When selecting a style, weigh the tradeoffs among simplicity of use, battery life, and concealment. Your hearing care expert will help you prioritize your preferences and determine the most suitable style.

Hearing Aid Advanced Features and Accessories

Once you’ve selected the right style, you can decide on which of the following features you need—and which you don’t.

  • Directional microphones enable you to concentrate on the sounds and conversations directly in front of you while minimizing the diversion of loud background noise.
  • Telecoils, or T-coils, allow you to talk on the phone while minimizing the static brought on by background noise.
  • Environmental noise control allows you to enhance hearing based upon your environment, for example in a tranquil room at home as opposed to in a lively restaurant.
  • Direct input to sound sources such as TVs, radios, computers, and music players allow for clear sound without background noise.
  • Wireless connection to mobile phones turns your hearing aids into top quality wireless headphones. The hearing aid settings can be manipulated from your phone (or digital watch), and sound can be wirelessly streamed directly from the phone to the hearing aids.

Optional accessories include cleaning kits, storage cases, ultraviolet sanitizers, battery-changers, and more. Your hearing care professional can help you decide which hearing aid accessories you may need or want.

Selecting the Right Hearing Aids

Before investing in hearing aids, take these four steps:

  1. Find a reputable, local hearing care professional. Only professionals with sufficient experience can test your hearing properly, which is essential for when it comes time to program, fit, and fine-tune your hearing aids.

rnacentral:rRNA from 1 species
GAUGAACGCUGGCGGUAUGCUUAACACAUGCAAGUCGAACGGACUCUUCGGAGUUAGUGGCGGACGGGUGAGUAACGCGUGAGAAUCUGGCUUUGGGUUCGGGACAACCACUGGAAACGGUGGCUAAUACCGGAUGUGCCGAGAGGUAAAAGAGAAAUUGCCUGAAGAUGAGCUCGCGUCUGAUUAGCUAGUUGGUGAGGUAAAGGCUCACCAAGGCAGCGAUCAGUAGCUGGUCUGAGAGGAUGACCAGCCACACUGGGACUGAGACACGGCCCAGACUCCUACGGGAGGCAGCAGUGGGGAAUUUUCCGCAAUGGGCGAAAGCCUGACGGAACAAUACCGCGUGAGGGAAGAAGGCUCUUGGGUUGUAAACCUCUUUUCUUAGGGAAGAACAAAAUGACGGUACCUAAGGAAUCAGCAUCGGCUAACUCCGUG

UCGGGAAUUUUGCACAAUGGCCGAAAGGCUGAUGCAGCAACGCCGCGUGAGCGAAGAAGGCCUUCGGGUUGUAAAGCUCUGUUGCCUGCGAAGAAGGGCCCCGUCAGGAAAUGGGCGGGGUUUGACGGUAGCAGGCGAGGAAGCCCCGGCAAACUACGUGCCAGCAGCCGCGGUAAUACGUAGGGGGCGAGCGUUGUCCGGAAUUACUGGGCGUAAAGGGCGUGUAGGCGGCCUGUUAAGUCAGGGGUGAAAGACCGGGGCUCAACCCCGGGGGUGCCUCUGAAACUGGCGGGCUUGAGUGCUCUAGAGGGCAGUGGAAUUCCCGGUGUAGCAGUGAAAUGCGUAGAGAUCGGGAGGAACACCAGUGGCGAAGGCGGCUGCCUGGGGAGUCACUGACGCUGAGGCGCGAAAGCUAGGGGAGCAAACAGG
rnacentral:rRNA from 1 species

2. Focus on hearing aid styles and advanced features. Your pick of hearing aids will depend on your preference of style and functionality. Explore these two factors with your hearing expert and your options will come to be manageable.
  3. Establish a budget. Some would state that your hearing is priceless, but that doesn’t mean you have an unlimited budget. With all of the hearing aid options available to you, you and your hearing professional can uncover the right hearing aid at a reasonable price.
  4. Test out your new hearing aids. inquire about trial periods and test out your new hearing aids. Talk with your hearing specialist to set realistic expectations and give your hearing aids a chance to show results. Your persistence will be paid back when you realize the difference better hearing will make in your life.

And that’s it. What seems like a complicated process is in fact easily workable, once you know how to prioritize your needs and constrict your choices. With the help of your local hearing care professional, you can obtain the right technology at the right price—so you can start enjoying all of the perks of better hearing.

The site information is for educational and informational purposes only and does not constitute medical advice. To receive personalized advice or treatment, schedule an appointment.